Loving an alcoholic can be one of the most challenging and trying of relationship situations. You watch as your loved one transforms before your very eyes into someone you don’t know, and perhaps worse, into someone you may not want to know. You miss the person you once knew, or you pine for the person you know is in there if the alcohol (or drugs) would just go away.
It can leave you feeling very alone and utterly helpless.
In order to avoid that feeling of helplessness and the sense of loneliness, those of us who love an alcoholic will often dive right in to try to change things. We may do or say anything to get them to stop drinking; we will stop at nothing to set our loved one straight. We can devote hour upon hour, day after day, trying to orchestrate the outcome that is best for everyone involved: sobriety.
We may empty bottles and hide them in hopes that the alcoholic will stop. Some of us are willing to miss work, seek help, and stage interventions. Many of us worry 24/7. But the alcoholic doesn’t stop. The alcoholic finds alcohol; they find a place and a way to drink; they stop at nothing in order to do so. While in active addiction, an alcoholic’s number one priority is alcohol.
Unfortunately, those of us who care about alcoholics cannot change that through our actions, thoughts, worry, or words. We cannot change it with love. Trying to cure a loved one who is fighting the demon of addiction when that person is refusing outside help will hurt you more than it helps the alcoholic and will only chip away at the good that is left in your life.
I know this because I’ve been on both sides of the aisle. I have been the alcoholic who others wanted to help, and I’ve soberly loved an active alcoholic, wanting to heal him when he was not ready to receive help.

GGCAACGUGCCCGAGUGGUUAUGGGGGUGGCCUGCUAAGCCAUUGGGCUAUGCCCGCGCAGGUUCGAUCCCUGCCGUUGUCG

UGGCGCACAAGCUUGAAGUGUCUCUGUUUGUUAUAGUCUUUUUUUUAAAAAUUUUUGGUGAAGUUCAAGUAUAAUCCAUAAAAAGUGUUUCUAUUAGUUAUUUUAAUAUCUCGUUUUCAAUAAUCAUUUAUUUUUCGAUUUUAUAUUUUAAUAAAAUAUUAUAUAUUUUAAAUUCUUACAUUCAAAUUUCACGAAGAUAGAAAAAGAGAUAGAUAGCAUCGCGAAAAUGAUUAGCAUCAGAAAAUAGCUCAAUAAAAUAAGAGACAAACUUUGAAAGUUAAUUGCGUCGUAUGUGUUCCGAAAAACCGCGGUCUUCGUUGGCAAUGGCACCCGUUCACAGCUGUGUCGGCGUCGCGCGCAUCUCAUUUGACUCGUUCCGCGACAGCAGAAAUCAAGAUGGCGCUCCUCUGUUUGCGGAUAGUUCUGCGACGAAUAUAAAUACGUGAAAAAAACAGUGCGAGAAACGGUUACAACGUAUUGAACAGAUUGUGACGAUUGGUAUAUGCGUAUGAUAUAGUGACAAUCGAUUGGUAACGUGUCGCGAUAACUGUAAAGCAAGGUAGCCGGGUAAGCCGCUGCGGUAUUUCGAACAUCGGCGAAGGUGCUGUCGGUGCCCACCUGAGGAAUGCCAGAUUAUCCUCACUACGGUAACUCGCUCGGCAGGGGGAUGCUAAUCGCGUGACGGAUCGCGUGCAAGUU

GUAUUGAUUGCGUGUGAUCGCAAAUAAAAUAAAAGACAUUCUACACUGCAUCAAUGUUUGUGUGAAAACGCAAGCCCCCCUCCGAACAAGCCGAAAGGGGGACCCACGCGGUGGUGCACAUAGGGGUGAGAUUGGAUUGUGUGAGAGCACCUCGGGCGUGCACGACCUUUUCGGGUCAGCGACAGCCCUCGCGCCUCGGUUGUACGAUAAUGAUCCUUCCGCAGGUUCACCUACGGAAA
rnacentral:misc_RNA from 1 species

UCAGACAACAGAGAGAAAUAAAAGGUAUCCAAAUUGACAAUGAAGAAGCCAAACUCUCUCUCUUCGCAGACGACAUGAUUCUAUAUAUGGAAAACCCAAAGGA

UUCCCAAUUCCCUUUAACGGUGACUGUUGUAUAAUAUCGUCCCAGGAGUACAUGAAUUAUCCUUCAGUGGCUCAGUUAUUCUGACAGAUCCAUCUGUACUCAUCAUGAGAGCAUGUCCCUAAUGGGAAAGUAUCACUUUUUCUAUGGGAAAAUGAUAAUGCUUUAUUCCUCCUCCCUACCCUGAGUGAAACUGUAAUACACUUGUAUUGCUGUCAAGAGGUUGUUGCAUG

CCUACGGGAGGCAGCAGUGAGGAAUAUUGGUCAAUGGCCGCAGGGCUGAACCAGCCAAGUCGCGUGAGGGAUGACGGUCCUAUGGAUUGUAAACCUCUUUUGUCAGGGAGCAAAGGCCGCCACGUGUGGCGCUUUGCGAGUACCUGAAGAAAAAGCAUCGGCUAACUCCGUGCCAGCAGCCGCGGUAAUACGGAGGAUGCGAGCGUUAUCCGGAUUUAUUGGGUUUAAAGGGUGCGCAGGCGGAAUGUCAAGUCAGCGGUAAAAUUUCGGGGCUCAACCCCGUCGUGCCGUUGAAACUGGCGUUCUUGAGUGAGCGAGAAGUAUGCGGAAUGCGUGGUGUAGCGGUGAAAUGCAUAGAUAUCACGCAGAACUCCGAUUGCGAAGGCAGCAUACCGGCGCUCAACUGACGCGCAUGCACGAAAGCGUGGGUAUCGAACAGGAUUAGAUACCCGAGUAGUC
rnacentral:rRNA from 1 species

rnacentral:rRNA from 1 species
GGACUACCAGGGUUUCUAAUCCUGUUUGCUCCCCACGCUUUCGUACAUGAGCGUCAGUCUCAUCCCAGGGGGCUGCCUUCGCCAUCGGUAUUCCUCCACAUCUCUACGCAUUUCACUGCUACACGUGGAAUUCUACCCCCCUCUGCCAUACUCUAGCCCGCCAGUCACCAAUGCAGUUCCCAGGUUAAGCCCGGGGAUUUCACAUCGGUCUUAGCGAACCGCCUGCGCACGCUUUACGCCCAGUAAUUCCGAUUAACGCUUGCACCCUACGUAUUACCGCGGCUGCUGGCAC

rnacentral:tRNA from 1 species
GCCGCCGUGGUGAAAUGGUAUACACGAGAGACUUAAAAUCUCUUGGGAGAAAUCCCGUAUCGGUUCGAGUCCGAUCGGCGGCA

When I find myself wanting to make my own feelings of helplessness go away and when I find myself wishing I could rescue my loved one who happens to be addicted, I remind myself of the following things, which I’ve learned the hard way. Maybe these will be helpful to you, too:
1. Addiction is a disease of the mind, the body, and the spirit.
No matter how hard we work to fix a person who is addicted, we can’t. The disease of addiction is a disease that affects the mind, body, and spirit. The addicted mind tells the alcoholic that they can control their drinking. “You can just have a few and stop,” lies the addicted mind, and the alcoholic believes it. Believing the lies of one’s own mind is central to the addiction. Meanwhile, the addicted body screams out its need for alcohol. “We HAVE to have it,” it cries.
In the absence of alcohol, the alcoholic body gets physically sick, experiences heightened anxiety, excessive sweating, nausea/vomiting, and uncontrollable shaking. The central nervous system becomes overactive and needs the alcohol (a depressant) to calm down. With just a few sips of alcohol, all of these symptoms go away. So just as the alcoholic’s mind is lying to its victim, saying “its’ okay, and you can have just one,” their body is craving it in a way that is undeniable. “We NEED alcohol,” says the body.